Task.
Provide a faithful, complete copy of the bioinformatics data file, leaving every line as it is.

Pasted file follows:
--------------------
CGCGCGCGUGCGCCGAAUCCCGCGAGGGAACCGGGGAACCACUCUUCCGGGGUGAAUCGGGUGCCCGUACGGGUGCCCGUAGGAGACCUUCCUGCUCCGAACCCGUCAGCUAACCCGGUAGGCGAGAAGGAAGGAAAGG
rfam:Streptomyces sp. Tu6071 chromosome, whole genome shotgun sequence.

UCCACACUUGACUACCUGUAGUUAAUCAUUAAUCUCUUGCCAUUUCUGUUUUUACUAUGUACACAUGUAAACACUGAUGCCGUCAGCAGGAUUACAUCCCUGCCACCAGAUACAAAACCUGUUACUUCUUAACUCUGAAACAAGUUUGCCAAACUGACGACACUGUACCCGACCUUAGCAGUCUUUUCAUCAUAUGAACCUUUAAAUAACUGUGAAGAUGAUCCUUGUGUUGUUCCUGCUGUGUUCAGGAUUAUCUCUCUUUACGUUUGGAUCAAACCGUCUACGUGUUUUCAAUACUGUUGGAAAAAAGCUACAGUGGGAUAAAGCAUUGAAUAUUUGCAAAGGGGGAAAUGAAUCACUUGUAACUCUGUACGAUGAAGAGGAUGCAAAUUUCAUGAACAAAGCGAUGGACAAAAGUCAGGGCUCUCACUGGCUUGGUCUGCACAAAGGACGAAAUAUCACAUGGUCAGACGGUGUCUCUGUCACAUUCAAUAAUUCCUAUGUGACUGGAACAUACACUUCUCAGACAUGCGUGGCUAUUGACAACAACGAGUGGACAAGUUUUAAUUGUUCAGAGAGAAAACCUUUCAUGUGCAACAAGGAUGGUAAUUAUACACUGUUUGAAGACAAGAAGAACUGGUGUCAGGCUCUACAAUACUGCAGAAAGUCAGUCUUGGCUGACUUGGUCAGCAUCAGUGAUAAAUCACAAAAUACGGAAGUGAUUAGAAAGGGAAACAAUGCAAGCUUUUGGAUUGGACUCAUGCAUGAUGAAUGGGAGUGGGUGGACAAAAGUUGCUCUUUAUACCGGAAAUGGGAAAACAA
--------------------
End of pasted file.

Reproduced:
CGCGCGCGUGCGCCGAAUCCCGCGAGGGAACCGGGGAACCACUCUUCCGGGGUGAAUCGGGUGCCCGUACGGGUGCCCGUAGGAGACCUUCCUGCUCCGAACCCGUCAGCUAACCCGGUAGGCGAGAAGGAAGGAAAGG
rfam:Streptomyces sp. Tu6071 chromosome, whole genome shotgun sequence.

UCCACACUUGACUACCUGUAGUUAAUCAUUAAUCUCUUGCCAUUUCUGUUUUUACUAUGUACACAUGUAAACACUGAUGCCGUCAGCAGGAUUACAUCCCUGCCACCAGAUACAAAACCUGUUACUUCUUAACUCUGAAACAAGUUUGCCAAACUGACGACACUGUACCCGACCUUAGCAGUCUUUUCAUCAUAUGAACCUUUAAAUAACUGUGAAGAUGAUCCUUGUGUUGUUCCUGCUGUGUUCAGGAUUAUCUCUCUUUACGUUUGGAUCAAACCGUCUACGUGUUUUCAAUACUGUUGGAAAAAAGCUACAGUGGGAUAAAGCAUUGAAUAUUUGCAAAGGGGGAAAUGAAUCACUUGUAACUCUGUACGAUGAAGAGGAUGCAAAUUUCAUGAACAAAGCGAUGGACAAAAGUCAGGGCUCUCACUGGCUUGGUCUGCACAAAGGACGAAAUAUCACAUGGUCAGACGGUGUCUCUGUCACAUUCAAUAAUUCCUAUGUGACUGGAACAUACACUUCUCAGACAUGCGUGGCUAUUGACAACAACGAGUGGACAAGUUUUAAUUGUUCAGAGAGAAAACCUUUCAUGUGCAACAAGGAUGGUAAUUAUACACUGUUUGAAGACAAGAAGAACUGGUGUCAGGCUCUACAAUACUGCAGAAAGUCAGUCUUGGCUGACUUGGUCAGCAUCAGUGAUAAAUCACAAAAUACGGAAGUGAUUAGAAAGGGAAACAAUGCAAGCUUUUGGAUUGGACUCAUGCAUGAUGAAUGGGAGUGGGUGGACAAAAGUUGCUCUUUAUACCGGAAAUGGGAAAACAA